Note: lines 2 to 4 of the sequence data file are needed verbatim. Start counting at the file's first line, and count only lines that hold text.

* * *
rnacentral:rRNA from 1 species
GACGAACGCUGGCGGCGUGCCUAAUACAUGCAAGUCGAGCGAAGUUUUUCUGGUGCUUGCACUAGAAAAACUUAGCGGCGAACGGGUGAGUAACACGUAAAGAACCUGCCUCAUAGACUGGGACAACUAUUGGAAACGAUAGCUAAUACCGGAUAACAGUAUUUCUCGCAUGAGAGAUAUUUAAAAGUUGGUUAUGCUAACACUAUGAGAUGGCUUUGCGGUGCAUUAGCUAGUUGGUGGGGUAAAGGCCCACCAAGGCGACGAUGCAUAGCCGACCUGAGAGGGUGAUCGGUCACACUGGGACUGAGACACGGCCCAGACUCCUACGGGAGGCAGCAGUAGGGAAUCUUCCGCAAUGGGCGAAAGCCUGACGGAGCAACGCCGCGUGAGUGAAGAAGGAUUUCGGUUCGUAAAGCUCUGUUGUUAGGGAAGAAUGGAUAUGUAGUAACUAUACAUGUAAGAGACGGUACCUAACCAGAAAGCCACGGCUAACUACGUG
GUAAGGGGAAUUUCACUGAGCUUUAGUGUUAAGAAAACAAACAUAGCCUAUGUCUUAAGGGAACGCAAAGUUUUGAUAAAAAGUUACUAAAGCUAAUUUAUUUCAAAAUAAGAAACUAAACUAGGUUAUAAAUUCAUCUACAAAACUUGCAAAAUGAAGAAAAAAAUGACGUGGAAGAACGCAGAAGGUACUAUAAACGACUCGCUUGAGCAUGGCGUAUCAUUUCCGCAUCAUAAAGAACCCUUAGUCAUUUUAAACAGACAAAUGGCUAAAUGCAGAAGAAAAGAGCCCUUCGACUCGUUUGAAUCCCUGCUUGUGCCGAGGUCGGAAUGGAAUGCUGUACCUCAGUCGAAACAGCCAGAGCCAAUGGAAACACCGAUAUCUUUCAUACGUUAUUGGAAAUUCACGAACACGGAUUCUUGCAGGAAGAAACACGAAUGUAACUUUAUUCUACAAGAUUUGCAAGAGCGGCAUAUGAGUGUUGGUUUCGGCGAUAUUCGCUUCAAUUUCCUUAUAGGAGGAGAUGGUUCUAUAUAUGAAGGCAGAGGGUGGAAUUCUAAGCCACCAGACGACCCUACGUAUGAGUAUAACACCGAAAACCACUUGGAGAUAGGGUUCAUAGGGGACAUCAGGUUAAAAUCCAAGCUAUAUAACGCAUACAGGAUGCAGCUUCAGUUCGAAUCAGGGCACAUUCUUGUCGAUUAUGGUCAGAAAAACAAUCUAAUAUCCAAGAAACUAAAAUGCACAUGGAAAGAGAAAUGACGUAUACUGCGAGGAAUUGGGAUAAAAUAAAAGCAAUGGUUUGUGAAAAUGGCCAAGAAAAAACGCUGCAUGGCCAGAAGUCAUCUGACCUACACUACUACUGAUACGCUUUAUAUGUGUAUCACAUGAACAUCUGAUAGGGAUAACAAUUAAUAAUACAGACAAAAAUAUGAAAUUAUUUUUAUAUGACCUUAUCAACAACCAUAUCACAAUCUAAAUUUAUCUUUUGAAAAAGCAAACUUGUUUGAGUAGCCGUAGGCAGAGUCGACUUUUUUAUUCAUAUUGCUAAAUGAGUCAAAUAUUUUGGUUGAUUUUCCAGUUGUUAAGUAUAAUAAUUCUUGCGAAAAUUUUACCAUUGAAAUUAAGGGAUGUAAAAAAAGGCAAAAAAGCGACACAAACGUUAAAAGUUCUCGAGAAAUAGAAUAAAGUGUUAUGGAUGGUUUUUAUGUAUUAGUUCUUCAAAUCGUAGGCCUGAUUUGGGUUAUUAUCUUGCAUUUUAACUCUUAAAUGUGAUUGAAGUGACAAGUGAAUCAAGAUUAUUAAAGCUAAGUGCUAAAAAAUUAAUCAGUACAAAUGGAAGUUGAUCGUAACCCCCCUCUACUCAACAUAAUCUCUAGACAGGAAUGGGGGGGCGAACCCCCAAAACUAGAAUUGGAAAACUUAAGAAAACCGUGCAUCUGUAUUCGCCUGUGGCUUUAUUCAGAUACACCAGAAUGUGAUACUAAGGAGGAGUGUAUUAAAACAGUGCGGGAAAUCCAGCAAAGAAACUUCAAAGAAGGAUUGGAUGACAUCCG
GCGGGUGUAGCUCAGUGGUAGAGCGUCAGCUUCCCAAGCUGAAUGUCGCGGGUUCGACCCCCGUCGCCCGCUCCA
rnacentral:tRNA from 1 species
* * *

GACGAACGCUGGCGGCGUGCCUAAUACAUGCAAGUCGAGCGAAGUUUUUCUGGUGCUUGCACUAGAAAAACUUAGCGGCGAACGGGUGAGUAACACGUAAAGAACCUGCCUCAUAGACUGGGACAACUAUUGGAAACGAUAGCUAAUACCGGAUAACAGUAUUUCUCGCAUGAGAGAUAUUUAAAAGUUGGUUAUGCUAACACUAUGAGAUGGCUUUGCGGUGCAUUAGCUAGUUGGUGGGGUAAAGGCCCACCAAGGCGACGAUGCAUAGCCGACCUGAGAGGGUGAUCGGUCACACUGGGACUGAGACACGGCCCAGACUCCUACGGGAGGCAGCAGUAGGGAAUCUUCCGCAAUGGGCGAAAGCCUGACGGAGCAACGCCGCGUGAGUGAAGAAGGAUUUCGGUUCGUAAAGCUCUGUUGUUAGGGAAGAAUGGAUAUGUAGUAACUAUACAUGUAAGAGACGGUACCUAACCAGAAAGCCACGGCUAACUACGUG
GUAAGGGGAAUUUCACUGAGCUUUAGUGUUAAGAAAACAAACAUAGCCUAUGUCUUAAGGGAACGCAAAGUUUUGAUAAAAAGUUACUAAAGCUAAUUUAUUUCAAAAUAAGAAACUAAACUAGGUUAUAAAUUCAUCUACAAAACUUGCAAAAUGAAGAAAAAAAUGACGUGGAAGAACGCAGAAGGUACUAUAAACGACUCGCUUGAGCAUGGCGUAUCAUUUCCGCAUCAUAAAGAACCCUUAGUCAUUUUAAACAGACAAAUGGCUAAAUGCAGAAGAAAAGAGCCCUUCGACUCGUUUGAAUCCCUGCUUGUGCCGAGGUCGGAAUGGAAUGCUGUACCUCAGUCGAAACAGCCAGAGCCAAUGGAAACACCGAUAUCUUUCAUACGUUAUUGGAAAUUCACGAACACGGAUUCUUGCAGGAAGAAACACGAAUGUAACUUUAUUCUACAAGAUUUGCAAGAGCGGCAUAUGAGUGUUGGUUUCGGCGAUAUUCGCUUCAAUUUCCUUAUAGGAGGAGAUGGUUCUAUAUAUGAAGGCAGAGGGUGGAAUUCUAAGCCACCAGACGACCCUACGUAUGAGUAUAACACCGAAAACCACUUGGAGAUAGGGUUCAUAGGGGACAUCAGGUUAAAAUCCAAGCUAUAUAACGCAUACAGGAUGCAGCUUCAGUUCGAAUCAGGGCACAUUCUUGUCGAUUAUGGUCAGAAAAACAAUCUAAUAUCCAAGAAACUAAAAUGCACAUGGAAAGAGAAAUGACGUAUACUGCGAGGAAUUGGGAUAAAAUAAAAGCAAUGGUUUGUGAAAAUGGCCAAGAAAAAACGCUGCAUGGCCAGAAGUCAUCUGACCUACACUACUACUGAUACGCUUUAUAUGUGUAUCACAUGAACAUCUGAUAGGGAUAACAAUUAAUAAUACAGACAAAAAUAUGAAAUUAUUUUUAUAUGACCUUAUCAACAACCAUAUCACAAUCUAAAUUUAUCUUUUGAAAAAGCAAACUUGUUUGAGUAGCCGUAGGCAGAGUCGACUUUUUUAUUCAUAUUGCUAAAUGAGUCAAAUAUUUUGGUUGAUUUUCCAGUUGUUAAGUAUAAUAAUUCUUGCGAAAAUUUUACCAUUGAAAUUAAGGGAUGUAAAAAAAGGCAAAAAAGCGACACAAACGUUAAAAGUUCUCGAGAAAUAGAAUAAAGUGUUAUGGAUGGUUUUUAUGUAUUAGUUCUUCAAAUCGUAGGCCUGAUUUGGGUUAUUAUCUUGCAUUUUAACUCUUAAAUGUGAUUGAAGUGACAAGUGAAUCAAGAUUAUUAAAGCUAAGUGCUAAAAAAUUAAUCAGUACAAAUGGAAGUUGAUCGUAACCCCCCUCUACUCAACAUAAUCUCUAGACAGGAAUGGGGGGGCGAACCCCCAAAACUAGAAUUGGAAAACUUAAGAAAACCGUGCAUCUGUAUUCGCCUGUGGCUUUAUUCAGAUACACCAGAAUGUGAUACUAAGGAGGAGUGUAUUAAAACAGUGCGGGAAAUCCAGCAAAGAAACUUCAAAGAAGGAUUGGAUGACAUCCG
GCGGGUGUAGCUCAGUGGUAGAGCGUCAGCUUCCCAAGCUGAAUGUCGCGGGUUCGACCCCCGUCGCCCGCUCCA